Any modern arm will take the pressure generated by black powder. However, most probably won't take the fouling for long.
  #17  
Old 05-30-2009, 08:15 PM
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Gatofeo,
Just what I was looking for. So BP is highly corrosive. But if need be revolvers, single shot or bolt rifles would be the first choices to load. I won't ever do it but was just wondering if commercial powder wasn't available if it could be substituted? OK 1 other question how would you know how much BP to load in a case. Just fill it to the level right under a seated bullet?
Thanks again,
Greg
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  #18  
Old 05-30-2009, 08:25 PM
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I would guess it would be the least trouble in straight-walled cases. Load full and go?

If I'm wrong, someone please correct this.....
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  #19  
Old 05-30-2009, 09:45 PM
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Black powder burns best when it is slightly compressed. Thus, load to nearly the top of the case, then use the seated bullet to compress it.

As for straight vs. necked cases, that is only a concern if you seek accuracy of the highest order, for shooting at targets from many hundreds of yards.
From what I have read, black powder cartridge shooters prefer straight-walled cases for black powder. But they need to squeeze every bit of accuracy they can, because they compete against each other.
For survival purposes, to knock off the occasional deer or defend your home, black powder in necked cases will work just fine.
After all, some of the 19th century black powder cartridges used necked cases with good effect.
There are many requirements to creating an accurate black powder load:
1. Bullet alloy must be comparatively soft, not more than 1 part tin to 20 parts lead. This is about BHn 10. Wheelweights are about BHn 9.
2. On the larger capacity cases, a Magnum Primer assists ignition.
3. Bullet lubricant must be of natural origin, such as lard, beeswax, bacon grease, vegetable grease, vegetable oil or a combination of these.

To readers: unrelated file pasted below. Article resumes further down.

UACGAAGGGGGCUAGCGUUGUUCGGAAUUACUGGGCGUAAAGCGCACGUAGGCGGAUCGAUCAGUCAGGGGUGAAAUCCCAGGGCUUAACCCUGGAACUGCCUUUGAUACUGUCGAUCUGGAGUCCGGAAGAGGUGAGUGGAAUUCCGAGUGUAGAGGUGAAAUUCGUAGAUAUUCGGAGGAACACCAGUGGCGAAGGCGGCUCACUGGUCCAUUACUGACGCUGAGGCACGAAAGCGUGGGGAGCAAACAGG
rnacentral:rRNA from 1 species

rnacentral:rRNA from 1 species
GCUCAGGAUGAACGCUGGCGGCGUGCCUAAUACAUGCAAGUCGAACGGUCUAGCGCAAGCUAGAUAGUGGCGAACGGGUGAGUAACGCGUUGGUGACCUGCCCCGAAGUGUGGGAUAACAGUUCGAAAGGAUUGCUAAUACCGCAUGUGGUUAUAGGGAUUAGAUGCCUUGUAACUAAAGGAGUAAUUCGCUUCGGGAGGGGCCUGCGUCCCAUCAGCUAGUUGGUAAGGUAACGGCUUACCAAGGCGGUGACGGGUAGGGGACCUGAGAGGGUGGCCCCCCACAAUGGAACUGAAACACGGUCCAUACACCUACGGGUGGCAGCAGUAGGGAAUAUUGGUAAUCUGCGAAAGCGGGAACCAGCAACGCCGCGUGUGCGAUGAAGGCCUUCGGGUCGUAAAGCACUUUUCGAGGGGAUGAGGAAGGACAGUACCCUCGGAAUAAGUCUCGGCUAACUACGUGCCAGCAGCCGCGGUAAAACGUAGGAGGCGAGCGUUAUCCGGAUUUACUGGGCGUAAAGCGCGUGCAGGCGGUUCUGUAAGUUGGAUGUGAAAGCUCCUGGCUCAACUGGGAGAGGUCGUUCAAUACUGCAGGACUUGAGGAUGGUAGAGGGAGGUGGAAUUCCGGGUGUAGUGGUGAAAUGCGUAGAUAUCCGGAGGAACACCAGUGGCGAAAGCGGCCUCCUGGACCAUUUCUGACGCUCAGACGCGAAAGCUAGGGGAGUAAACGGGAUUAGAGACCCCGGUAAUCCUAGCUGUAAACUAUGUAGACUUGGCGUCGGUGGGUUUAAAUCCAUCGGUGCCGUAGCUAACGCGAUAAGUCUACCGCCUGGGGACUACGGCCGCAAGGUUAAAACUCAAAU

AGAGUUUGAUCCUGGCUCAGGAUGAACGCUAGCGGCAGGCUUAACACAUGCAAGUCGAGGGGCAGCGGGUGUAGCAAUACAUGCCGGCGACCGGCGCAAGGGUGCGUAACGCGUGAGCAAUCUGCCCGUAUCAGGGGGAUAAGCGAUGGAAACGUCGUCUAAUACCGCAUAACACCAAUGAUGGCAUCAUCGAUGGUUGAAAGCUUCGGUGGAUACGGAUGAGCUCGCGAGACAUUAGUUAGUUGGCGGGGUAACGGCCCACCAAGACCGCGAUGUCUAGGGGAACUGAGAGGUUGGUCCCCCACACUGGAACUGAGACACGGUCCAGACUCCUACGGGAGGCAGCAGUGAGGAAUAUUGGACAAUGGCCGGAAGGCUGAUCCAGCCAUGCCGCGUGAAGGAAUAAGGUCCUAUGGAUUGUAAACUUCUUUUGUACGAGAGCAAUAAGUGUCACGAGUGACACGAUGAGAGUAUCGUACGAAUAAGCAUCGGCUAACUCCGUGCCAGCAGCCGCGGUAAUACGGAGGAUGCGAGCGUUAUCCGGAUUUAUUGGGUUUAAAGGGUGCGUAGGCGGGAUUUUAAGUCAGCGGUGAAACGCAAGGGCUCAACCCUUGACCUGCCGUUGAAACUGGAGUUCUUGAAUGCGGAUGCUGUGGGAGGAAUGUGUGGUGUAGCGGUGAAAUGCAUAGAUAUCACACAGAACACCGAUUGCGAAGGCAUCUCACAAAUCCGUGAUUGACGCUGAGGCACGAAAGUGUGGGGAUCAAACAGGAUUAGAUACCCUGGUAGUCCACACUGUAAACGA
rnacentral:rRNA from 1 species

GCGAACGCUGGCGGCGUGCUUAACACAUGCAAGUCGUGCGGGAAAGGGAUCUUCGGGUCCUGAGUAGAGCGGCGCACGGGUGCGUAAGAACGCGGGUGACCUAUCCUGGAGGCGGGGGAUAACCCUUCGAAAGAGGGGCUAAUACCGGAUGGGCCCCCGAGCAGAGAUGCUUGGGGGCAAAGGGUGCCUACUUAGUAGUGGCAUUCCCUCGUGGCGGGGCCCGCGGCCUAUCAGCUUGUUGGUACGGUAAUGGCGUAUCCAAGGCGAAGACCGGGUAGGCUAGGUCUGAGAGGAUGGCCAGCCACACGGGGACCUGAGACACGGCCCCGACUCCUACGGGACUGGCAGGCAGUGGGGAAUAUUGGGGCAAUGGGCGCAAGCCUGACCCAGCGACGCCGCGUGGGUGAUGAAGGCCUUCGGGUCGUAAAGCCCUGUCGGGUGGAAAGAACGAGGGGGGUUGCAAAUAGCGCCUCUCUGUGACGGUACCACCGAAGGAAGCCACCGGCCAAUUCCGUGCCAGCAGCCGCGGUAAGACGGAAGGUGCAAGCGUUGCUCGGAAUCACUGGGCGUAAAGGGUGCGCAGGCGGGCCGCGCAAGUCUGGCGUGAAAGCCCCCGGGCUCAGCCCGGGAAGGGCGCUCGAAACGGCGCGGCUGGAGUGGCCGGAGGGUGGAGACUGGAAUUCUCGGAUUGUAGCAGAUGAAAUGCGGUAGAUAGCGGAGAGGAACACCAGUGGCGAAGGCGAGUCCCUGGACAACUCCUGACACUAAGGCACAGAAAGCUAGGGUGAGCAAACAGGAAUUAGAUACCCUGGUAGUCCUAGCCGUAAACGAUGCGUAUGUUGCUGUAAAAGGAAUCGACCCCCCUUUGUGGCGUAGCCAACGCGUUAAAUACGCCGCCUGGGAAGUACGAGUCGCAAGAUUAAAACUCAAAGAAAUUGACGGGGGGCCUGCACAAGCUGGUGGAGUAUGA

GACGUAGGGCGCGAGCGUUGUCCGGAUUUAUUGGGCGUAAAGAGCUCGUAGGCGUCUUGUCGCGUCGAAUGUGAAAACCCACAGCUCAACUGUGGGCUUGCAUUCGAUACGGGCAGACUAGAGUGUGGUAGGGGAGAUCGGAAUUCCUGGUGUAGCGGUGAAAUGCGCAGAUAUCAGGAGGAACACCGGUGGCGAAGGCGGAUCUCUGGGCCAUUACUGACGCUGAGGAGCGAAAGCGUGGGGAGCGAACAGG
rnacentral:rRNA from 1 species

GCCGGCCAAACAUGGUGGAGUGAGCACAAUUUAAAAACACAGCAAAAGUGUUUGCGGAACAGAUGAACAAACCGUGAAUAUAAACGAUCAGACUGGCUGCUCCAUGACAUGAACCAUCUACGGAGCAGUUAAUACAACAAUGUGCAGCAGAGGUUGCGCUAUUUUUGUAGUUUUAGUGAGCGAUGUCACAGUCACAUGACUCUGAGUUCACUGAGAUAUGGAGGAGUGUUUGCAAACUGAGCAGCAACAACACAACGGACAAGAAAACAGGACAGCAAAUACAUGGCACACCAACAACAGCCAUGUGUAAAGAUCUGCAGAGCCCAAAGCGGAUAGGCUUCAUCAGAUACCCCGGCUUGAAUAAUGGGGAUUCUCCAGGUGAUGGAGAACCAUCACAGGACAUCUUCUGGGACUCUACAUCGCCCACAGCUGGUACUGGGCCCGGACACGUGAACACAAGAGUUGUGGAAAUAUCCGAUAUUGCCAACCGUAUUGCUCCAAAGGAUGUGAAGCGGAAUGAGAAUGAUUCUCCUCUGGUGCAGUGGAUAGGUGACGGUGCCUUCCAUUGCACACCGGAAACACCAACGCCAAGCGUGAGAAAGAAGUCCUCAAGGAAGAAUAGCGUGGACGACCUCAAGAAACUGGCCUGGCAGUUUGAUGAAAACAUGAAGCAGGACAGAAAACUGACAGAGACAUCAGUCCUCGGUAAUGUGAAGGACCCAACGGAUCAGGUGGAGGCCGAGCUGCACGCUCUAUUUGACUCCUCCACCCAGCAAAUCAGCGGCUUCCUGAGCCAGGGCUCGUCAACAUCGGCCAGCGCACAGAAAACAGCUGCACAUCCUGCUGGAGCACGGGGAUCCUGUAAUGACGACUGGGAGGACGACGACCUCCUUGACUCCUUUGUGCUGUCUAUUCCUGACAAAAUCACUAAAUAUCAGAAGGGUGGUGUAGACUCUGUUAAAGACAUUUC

4. Bullet design - It should have numerous grooves, of ample depth, to hold plenty of bullet lubricant.
5. Rate of rifling twist of the arm. Though I've never tried it, finding an accurate load with a quick rifling twist may be difficult. Compare the 1 turn in 7 inches rate of the 6.5X55 Swedish to the .45-70 with its 1:18 to 1:22 rate and you'll see what I mean.
6. Bullets with absolutely flat bases tend to be more accurate with black powder. Bevel base bullets, from what I have read, aren't as accurate. But again, this comes from Black Powder Cartridge shooters and their accuracy requirements are more stringent than that required for subsistence.

The modern guns most amenable to black powder cartridges would be the revolver, single-shot, lever-action, double-barrel, bolt-action or pump-action.
Cleaning becomes a big concern when using black powder.
Any action that is complicated, that makes it difficult or impossible to reach black powder fouling in it, will eventually gum up or rust.
Single-shot and double-barrel actions would seem to be ideal, but they are deceptive. Often, it is difficult to access the assembly and springs that drive the trigger and hammer or firing pin. This may require a very long screwdriver or socket wrench to remove the bolt that holds the stock to the frame.
Mauser-type actions are fairly accessible for easy cleaning. Some lever-actions are easily accessed, others are difficult.

This is an interesting, "what if" exercise to ponder but I warn against anyone making their own black powder.
As has been pointed out, even the most modern black powder manufacturing plants, with all their sophisticated automation and safety requirements, still go up with a BOOM from time to time.
If such a place can explode, what chance have you in your kitchen or workshop.
And let me add, that anyone who uses a coffee grinder to mill black powder is an idiot.
Alas, too often the idiots survive but end up destroying someone else's life.
  #20  
Old 05-31-2009, 02:43 AM
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Yes, but its better with a larger bore in rifles. Revolver rounds will work OK but there will be a lot of fouling. Semi auto pistols or rifles probably wont function. Could be used as a manually operated gun. If you want to buy something for black, the 44/40, 38/40 were designed for black.